For a long time, I was much more “known” to the extent that I am in the photographic world for my personal work. From the beginning, I always had that featured pretty prominently on my website and social media. It allowed me to write about myself, my life, my thoughts and questions (so many questions!), much more than client work would. Maybe it’s an outcome of having a large family and a hectic life, but I started photographing and sharing more and more of my chaos: the mess and craziness of having a whole gaggle of kids that we are crazy enough to homeschool. I find chaos to be beautiful in its own right, and I wanted a kind of counterbalance to all of the perfect and happy photos we see of other people’s lives. As cheesy as it sounds, I know that (for most of us, at least) it’s hard to see all of those awesome photos of clean kids in clean spaces without feeling like somehow, we’re screwing up this whole “life” thing. As it were, there’s an element of humor in my work, too. The world is a pretty funny place, especially when kids are in it, and while I don’t think I look for humor, it’s what I feel when I’m looking through my work.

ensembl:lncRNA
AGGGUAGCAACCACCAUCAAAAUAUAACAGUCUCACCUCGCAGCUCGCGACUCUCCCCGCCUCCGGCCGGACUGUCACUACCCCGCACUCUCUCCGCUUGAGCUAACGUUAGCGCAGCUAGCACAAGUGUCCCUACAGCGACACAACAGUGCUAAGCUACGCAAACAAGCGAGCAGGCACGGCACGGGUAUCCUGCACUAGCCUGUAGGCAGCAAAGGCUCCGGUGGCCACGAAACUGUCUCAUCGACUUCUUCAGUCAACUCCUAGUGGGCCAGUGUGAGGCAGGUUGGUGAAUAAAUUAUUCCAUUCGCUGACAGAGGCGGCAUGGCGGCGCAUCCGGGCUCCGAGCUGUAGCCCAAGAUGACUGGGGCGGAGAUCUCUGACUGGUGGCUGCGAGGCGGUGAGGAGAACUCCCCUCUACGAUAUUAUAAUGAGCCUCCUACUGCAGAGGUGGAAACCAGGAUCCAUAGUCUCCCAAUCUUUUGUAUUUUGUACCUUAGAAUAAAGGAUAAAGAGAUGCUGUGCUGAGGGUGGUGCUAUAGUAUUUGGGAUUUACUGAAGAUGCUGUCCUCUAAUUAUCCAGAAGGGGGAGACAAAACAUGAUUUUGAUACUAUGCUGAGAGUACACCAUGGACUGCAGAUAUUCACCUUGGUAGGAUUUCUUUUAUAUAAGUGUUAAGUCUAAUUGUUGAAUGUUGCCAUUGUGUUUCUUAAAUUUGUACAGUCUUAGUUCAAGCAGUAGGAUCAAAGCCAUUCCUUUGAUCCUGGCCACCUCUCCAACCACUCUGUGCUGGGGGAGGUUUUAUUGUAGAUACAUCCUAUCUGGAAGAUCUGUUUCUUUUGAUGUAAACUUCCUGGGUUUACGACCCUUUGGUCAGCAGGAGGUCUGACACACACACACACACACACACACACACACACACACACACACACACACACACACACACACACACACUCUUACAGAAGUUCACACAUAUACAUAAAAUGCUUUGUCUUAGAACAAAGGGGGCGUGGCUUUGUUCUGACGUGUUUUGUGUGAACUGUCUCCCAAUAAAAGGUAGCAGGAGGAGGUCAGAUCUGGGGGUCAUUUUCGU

It was a combination of these ideas and circumstances that dictated the direction of my brand. There’s no flashiness or pretentiousness in my work, not much posing or pretty things in pretty places. It is what it is. The photos are never more important than the moment as it presented itself. My body of work has always been honest like this, and often messy. Many don’t relate to that visual—or they do aesthetically but not personally. And that’s great, actually. I say it’s better to have 1,000 passionate followers than 100,000 that just happen to like your photos also.